Tuesday, May 13, 2008

Open Letter to Senator Obama

Dear Senator Barack Obama:

Does history make the man or does man make history? Rarely is there a confluence of events which might help answer that question and, with your presumptive Democratic nomination for the Presidency, you have the opportunity to make the kind of difference our founding fathers did at the birth of our nation, or Lincoln did bringing our nation back from the brink of self destruction, or Roosevelt’s seeing us through the most destructive war in history.

Although one could cite a litany of maladies our nation now suffers from, at the core is our loss of credibility abroad, our lack of a national plan for energy independence, and the ongoing irreconcilability of conservative and liberal values and its resultant impact on the social fabric of race relations, religious tolerance and educational opportunities.

Your life reads like a microcosm of the United Nations, born to a black, Kenyan father who was raised a Muslim, and a white mother who you described as being “detached from religion,” who later divorced your father and married an Indonesian; thus you attended schools in Jakarta until you were ten years old. But you then lived with your white grandmother’s family in Honolulu until you graduated high school. You met your wife Michelle, an African American, while you interned in a law office and you were married at the time you became a Christian.

I came of age during the tumultuous late 50’s and 60’s as the civil rights movement and the cold war raged, as we became mired in a senseless war in Viet Nam, and painfully endured the assassinations of beloved leaders, John F, Kennedy, his brother Robert, and Martin Luther King. Then, we succumbed to the national disgraces of the 70’s, a wrecked economy, becoming hostages to countries that hate us in the Middle East, American prestige sinking to new lows, and the age of Watergate politics. The one thing we could point to with pride was our ability to set a national goal as John F. Kennedy did in 1961, to put a man on the moon by the end of that decade and actually doing the unthinkable, the impossible.

Today is not too far removed from then. Our economic difficulties of mounting national debt and a declining dollar, a decaying infrastructure, and the lack of better healthcare for our sick and better education for our young can be traced to a needless war, and to being hostage, once again, to oil producing nations. Racial and religious divisiveness still erodes the fabric of our society. The view of America abroad has undermined our ability to effectively deal with terrorism and to address global environmental issues. Politics again slithers along a slippery Machiavellian slope.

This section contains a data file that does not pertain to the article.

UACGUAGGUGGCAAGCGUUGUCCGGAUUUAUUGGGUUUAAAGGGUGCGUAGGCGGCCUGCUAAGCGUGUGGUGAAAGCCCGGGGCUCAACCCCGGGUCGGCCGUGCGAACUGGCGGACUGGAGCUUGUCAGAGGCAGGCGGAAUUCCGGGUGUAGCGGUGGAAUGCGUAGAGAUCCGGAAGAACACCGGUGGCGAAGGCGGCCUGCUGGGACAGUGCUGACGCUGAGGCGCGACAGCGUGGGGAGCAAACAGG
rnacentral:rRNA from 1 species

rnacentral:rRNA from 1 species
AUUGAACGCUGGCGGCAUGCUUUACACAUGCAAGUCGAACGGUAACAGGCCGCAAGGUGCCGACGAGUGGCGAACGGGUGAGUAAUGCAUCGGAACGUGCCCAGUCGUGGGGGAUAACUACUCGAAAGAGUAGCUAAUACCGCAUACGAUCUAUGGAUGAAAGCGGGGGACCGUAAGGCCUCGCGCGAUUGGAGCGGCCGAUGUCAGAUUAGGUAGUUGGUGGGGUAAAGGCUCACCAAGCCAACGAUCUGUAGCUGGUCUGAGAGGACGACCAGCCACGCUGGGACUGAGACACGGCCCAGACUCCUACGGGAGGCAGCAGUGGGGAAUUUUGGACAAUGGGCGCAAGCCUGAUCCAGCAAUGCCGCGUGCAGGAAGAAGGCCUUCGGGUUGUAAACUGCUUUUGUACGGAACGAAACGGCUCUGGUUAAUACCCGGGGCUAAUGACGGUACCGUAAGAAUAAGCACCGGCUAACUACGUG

It is extraordinary that we could be at the brink of electing you, our first African American President. If these problems were less extreme, this moment may not have arrived. Senator Obama, seize the day, and use this unique opportunity as a conciliator, to help bridge the abyss between races and religions, leading us away from Iraq and towards energy independence. We have the alternative energy technology, the clean natural gas resources, and nuclear capability to substantially decrease our dependence on fossil fuels if only we could develop the backbone to sacrifice short-term gratification for long-term gains, declaring it as a national objective. By achieving energy independence, our economic problems will diminish.

Your opponents have criticized your limited political experience, making it one of their main issues in attacking your candidacy. Lincoln too was relatively inexperienced, something he made to work to his advantage. Forge cooperation across the aisle in congress, creating your own “team of rivals” as Doris Kearns Goodwin described his cabinet in her marvelous civil war history.

Some people have pointed to 9/11 as a manifestation of the clash between the Muslim and Christian worlds. Given your personal background, you have what may be a unique opportunity to establish a dialogue between these two worlds and in so doing begin to restore our international standing. Just electing you will demonstrate to the world that we can put our ideals into action.